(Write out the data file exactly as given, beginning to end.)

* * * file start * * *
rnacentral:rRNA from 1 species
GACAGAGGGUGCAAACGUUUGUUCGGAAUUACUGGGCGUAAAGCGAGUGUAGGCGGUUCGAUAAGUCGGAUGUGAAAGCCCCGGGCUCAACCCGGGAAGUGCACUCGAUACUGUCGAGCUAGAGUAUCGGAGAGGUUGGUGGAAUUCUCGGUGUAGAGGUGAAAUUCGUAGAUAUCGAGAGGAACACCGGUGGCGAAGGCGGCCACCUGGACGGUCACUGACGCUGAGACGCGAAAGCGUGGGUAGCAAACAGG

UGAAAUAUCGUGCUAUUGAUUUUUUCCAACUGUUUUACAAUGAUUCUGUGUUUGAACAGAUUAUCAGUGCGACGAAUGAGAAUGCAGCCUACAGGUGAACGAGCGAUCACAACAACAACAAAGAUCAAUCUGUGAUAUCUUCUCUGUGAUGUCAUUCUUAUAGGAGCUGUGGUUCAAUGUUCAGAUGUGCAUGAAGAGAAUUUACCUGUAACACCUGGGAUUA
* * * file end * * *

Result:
rnacentral:rRNA from 1 species
GACAGAGGGUGCAAACGUUUGUUCGGAAUUACUGGGCGUAAAGCGAGUGUAGGCGGUUCGAUAAGUCGGAUGUGAAAGCCCCGGGCUCAACCCGGGAAGUGCACUCGAUACUGUCGAGCUAGAGUAUCGGAGAGGUUGGUGGAAUUCUCGGUGUAGAGGUGAAAUUCGUAGAUAUCGAGAGGAACACCGGUGGCGAAGGCGGCCACCUGGACGGUCACUGACGCUGAGACGCGAAAGCGUGGGUAGCAAACAGG

UGAAAUAUCGUGCUAUUGAUUUUUUCCAACUGUUUUACAAUGAUUCUGUGUUUGAACAGAUUAUCAGUGCGACGAAUGAGAAUGCAGCCUACAGGUGAACGAGCGAUCACAACAACAACAAAGAUCAAUCUGUGAUAUCUUCUCUGUGAUGUCAUUCUUAUAGGAGCUGUGGUUCAAUGUUCAGAUGUGCAUGAAGAGAAUUUACCUGUAACACCUGGGAUUA